Notable Cast (Voice): Jack Black, Angelina Jolie, Seth Rogen, Jackie Chan, David Cross, Dustin Hoffman, Gary Oldman, Lucy Liu
Rating: If you watch zero TV during the day and don’t follow any movie news blogs…surprise! Kung Fu Panda 2 came out this weekend! Thankfully I was prepared due to obsessively frequent checking of my go to movie info sites, but outside of that I can’t say I saw more then one or two Kung Fu Panda 2 TV spots. Sure, I don’t usually pop on the boob tube till about 10PM or later, but I’m still a demographic. I may not be the key child demographic, but I still enjoy the genre if done right! I thought the advertising could have been ramped up a little more, but that’s here nor there. The bigger point is DreamWorks is starting to really hook the Pixar vibe mixing story, heart, and entertainment. Kung Fu Panda 2 delves warmly into the back story of panda sensation Po, but simultaneously gives us a rip-roaring martial arts extravaganza even Jackie Chan can be proud of. Doesn’t quite beat DreamWork’s best film in How To Train Your Dragon, but still is an amazing watch in its own right.
Alright, to the story. Kung Fu Panda 2 delves into the back story of Po’s (Black) upbringing, while also dealing with his future as a kung fu hero. At this point, Po is the Dragon Warrior, still seeking teachings from Master Shifu (Hoffman), but is also reminded of his past from new foe Shen (Oldman). In the newest installment, not only is it up to Po to lead the most elite kung fu warriors in the world, but he must also discover the true origin of his upbringing. Surely a panda cannot be born from a noodle making duck, so Po must connect with his inner peace in order to uncover the one true fact about his life. But can Po keep his curiosity in check and protect the innocent from Shen’s dangerous new weaponry long enough to uncover his own secrets later? Or will he let his new curiosity consume him and cloud his vision, losing his clout in the Furious Five.
Kung Fu Panda was a film dedicated much more to the silly nature of the story, including more of the childish sight gags and silly animated humor. I loved the fact that Kung Fu Panda 2 stepped up from this child like manner at parts and asserted a much more mature viewing experience, and I respected how well it worked keeping those same childish antics in tact. Don’t get me wrong, the original is a fun slapstick comedy about a clumsy panda who is destined to become the greatest kung fu warrior, and made a hell of an animated film. But Kung Fu Panda 2 put such an effort into the back story of Po as an adorable lil’ panda that it jerks at your emotions. The film was incredibly deep and had many layers, and opted to substitute some of the silliness from the first film for heartfelt moments between Po and his “father” or re-living Po’s childhood. It’s a strong, well written story in the sense of Pixar, where you’re given a blend of powerful storytelling and entertaining comedy in one brilliant package. Look back to Gnomeo and Juliet and you’ll see a great example of a film that just gets stuck on the silly. If that’s the angle you’re going for, you limit your target audience just to young children. Kung Fu Panda 2 gets beyond the silly, and as a result can be enjoyed by audiences alike, but can also be regarded as a high quality FILM, not just a “good children’s movie.” But don’t think because I’m focusing on the story the humor has totally left. Kung Fu Panda 2 delivers all the humor that the first did with ease, still giving us our beloved fat panda jokes. Thanks Dreamworks!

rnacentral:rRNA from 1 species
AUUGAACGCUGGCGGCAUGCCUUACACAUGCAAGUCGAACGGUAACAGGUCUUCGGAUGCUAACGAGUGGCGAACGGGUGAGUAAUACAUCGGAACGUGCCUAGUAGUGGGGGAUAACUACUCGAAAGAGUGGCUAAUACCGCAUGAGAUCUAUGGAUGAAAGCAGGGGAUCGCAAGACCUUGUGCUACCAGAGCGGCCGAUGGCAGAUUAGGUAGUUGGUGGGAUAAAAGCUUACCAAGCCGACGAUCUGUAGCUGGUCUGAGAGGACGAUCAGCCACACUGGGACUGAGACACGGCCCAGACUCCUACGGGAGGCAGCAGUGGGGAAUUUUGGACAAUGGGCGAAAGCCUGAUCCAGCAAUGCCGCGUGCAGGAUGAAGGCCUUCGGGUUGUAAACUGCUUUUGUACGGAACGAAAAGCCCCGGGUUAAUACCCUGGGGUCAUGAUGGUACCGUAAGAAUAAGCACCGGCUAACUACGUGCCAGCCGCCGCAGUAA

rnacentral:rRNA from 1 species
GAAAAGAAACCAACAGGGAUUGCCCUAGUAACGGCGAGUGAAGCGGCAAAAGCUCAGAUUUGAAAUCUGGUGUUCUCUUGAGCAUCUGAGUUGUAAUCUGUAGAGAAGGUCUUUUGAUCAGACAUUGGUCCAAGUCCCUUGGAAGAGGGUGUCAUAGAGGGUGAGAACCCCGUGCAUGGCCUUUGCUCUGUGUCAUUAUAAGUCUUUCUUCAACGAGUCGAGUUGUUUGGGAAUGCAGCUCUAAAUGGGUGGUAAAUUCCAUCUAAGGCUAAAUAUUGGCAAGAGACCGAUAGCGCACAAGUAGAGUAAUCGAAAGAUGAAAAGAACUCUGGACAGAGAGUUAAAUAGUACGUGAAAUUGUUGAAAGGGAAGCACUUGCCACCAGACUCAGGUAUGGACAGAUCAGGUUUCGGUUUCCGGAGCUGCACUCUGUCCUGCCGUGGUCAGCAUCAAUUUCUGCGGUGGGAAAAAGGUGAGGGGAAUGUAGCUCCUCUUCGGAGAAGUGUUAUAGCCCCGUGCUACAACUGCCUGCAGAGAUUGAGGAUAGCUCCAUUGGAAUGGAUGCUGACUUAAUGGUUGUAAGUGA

But the story wasn’t the only thing that surprised me. Kung Fu Panda 2 has some glorious fight scenes, really channeling the martial arts films of old. Except instead of Bruce Lee, you get a big fat panda voiced by Jack Black. You could tell the creators of Kung Fu Panda 2 did their best research for the fight sequences because the atmosphere was always set perfectly. There was always a lot of high-flying acrobatic moves mixed with fast paced action, all brought together by a fantastic choreography that made everything flow in one cohesive group. Everyone moved in sync instead of watching Po fight in one corner, Tigress fight in another…and so on and so on. The action of Kung Fu Panda 2 was beautiful and frequent, being the delicious icing on an already tasty cake.
Children (and college kids with an immature sense of humor who write movie blogs) will love Kung Fu Panda 2 because it’s about a panda bear who does karate. Adults will love it because it’s another example of a stereotyped children’s film that strives to deliver on a whole other level. Eh, screw it. Everyone will love Kung Fu Panda 2 because it’s about animals doing freakin’ martial arts. Everything about this sequel is better than the first. It improves on an already impressive voice cast by adding the likes of Gary Oldman, Danny McBride, and Jean-Claude Van Damme. The action gets an adrenaline boost that makes it one of the more impressive parts of the film. The story not only intrigues, but it tugs at your emotions and hits you all the way to your core. The list goes on. Po will kung fu you into a gleeful submission, then sweetly win you over with his goofy charm. In the battle of Panda versus The Wolfpack (The Hangover: Part II opened this weekend too), this is surely the year of the panda. I laughed harder, was more engrossed, and just flat-out cared more about the panda. And with a sure set up for a third film, I couldn’t be happier. Looks like we’ll be seeing Po’s jiggly body sometime soon again. Ska-doosh!
Final Rating: 8 swift belly ska-dooshs out of 10….SKA-DOOSH! Great word.
Kung Fu Panda 2 barrels right into your funny bone, taking you on a crazy good ride.